Life

NAY, lift me to thy lips, Life, and once more
Pour the wild music through me --

I quivered in the reed-bed with my kind,
Rooted in Lethe-bank, when at the dawn
There came a groping shape of mystery
Moving among us, that with random stroke
Severed, and rapt me from my silent tribe,
Pierced, fashioned, lipped me, sounding for a voice,
Laughing on Lethe-bank -- and in my throat
I felt the wing-beat of the fledgeling notes,
The bubble of godlike laughter in my throat.

Such little songs she sang,
Pursing her lips to fit the tiny pipe,
They trickled from me like a slender spring
That strings frail wood-growths on its crystal thread,
Nor dreams of glassing cities, bearing ships.
She sang, and bore me through the April world
Matching the birds, doubling the insect-hum
In the meadows, under the low-moving airs,
And breathings of the scarce-articulate air
When it makes mouths of grasses -- but when the sky
Burst into storm, and took great trees for pipes,
She thrust me in her breast, and warm beneath
Her cloudy vesture, on her terrible heart,
I shook, and heard the battle.
But more oft,
Those early days, we moved in charmed woods,
Where once, at dusk, she piped against a faun,
And one warm dawn a tree became a nymph
Listening; and trembled; and Life laughed and passed.
And once we came to a great stream that bore
The stars upon its bosom like a sea,
And ships like stars; so to the sea we came.
One wild pang through me; then refrained her hand,
And whispered: 'Hear -- ' and into my frail flanks,
Into my bursting veins, the whole sea poured
Its spaces and its thunder; and I feared.

We came to cities, and Life piped on me
Low calls to dreaming girls,
In counting-house windows, through the chink of gold,
Flung cries that fired the captive brain of youth,
And made the heavy merchant at his desk
Curse us for a cracked hurdy-gurdy; Life
Mimicked the hurdy-gurdy, and we passed.

We climbed the slopes of solitude, and there
Life met a god, who challenged her and said:
'Thy pipe against my lyre!' But 'Wait!' she laughed,
And in my live flank dug a finger-hole,
And wrung new music from it. Ah, the pain!

We climbed and climbed, and left the god behind.
We saw the earth spread vaster than the sea,
With infinite surge of mountains surfed with snow,
And a silence that was louder than the deep;
But on the utmost pinnacle Life again
Hid me, and I heard the terror in her hair.

Safe in new vales, I ached for the old pang,
And clamoured 'Play me against a god again!'
'Poor Marsyas-mortal -- he shall bleed thee yet,'
She breathed and kissed me, stilling the dim need.
But evermore it woke, and stabbed my flank
With yearnings for new music and new pain.
'Another note against another god!'
I clamoured; and she answered: 'Bide my time.
Of every heart-wound I will make a stop.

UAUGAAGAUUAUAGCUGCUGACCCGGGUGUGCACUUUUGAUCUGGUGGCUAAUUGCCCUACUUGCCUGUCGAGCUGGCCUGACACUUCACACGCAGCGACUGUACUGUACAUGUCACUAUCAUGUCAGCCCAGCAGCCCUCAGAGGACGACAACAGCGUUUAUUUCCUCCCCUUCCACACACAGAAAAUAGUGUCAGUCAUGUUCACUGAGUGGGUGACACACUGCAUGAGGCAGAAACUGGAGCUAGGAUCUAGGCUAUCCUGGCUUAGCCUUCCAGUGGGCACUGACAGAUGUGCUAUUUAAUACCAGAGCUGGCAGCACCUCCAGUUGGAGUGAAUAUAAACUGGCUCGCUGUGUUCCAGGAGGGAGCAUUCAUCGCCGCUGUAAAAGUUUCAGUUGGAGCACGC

And drink thy life in music, pang by pang.
But first thou must yield the notes I stored in thee
At dawn beside the river. Take my lips.'

She kissed me like a lover, but I wept,
Remembering that high song against the god,
And the old songs slept in me, and I was dumb.

We came to cavernous foul places, blind
With harpy-wings, and sulphurous with the glare
Of sinful furnaces -- where hunger toiled,
And pleasure gathered in a starveling prey,
And death fed delicately on young bones.

'Now sing!' cried Life, and set her lips to me.
'Here are gods also. Wilt thou pipe for Dis?'

My cry was drowned beneath the furnace roar,
Choked by the sulphur-fumes; and beast-lipped gods
Laughed down on me, and mouthed the flutes of hell.

'Now sing!' said Life, reissuing to the stars;
And wrung a new note from my wounded side.

So came we to clear spaces, and the sea.
And now I felt its volume in my heart,
And my heart waxed with it, and Life played on me
The song of the Infinite. 'Now the stars,' she said.

Then from the utmost pinnacle again
She poured me on the wild sidereal stream,
And I grew with her great breathings, till we swept
The interstellar spaces like new worlds
Loosed from the fiery ruin of a star.

Cold, cold we rested on black peaks again,
Under black skies, under a groping wind,
And life, grown old, hugged me to a numb breast,
Pressing numb lips against me. Suddenly
A blade of silver severed the black peaks
From the black sky, and earth was born again,
Breathing and various, under a god's feet.
A god! A god! I felt the he
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Edith Wharton

Edith Wharton was a Pulitzer Prize-winning American novelist, short story writer, and designer. more…

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"Life" Poetry.net. STANDS4 LLC, 2020. Web. 30 Mar. 2020. <https://www.poetry.net/poem/9082/life>.

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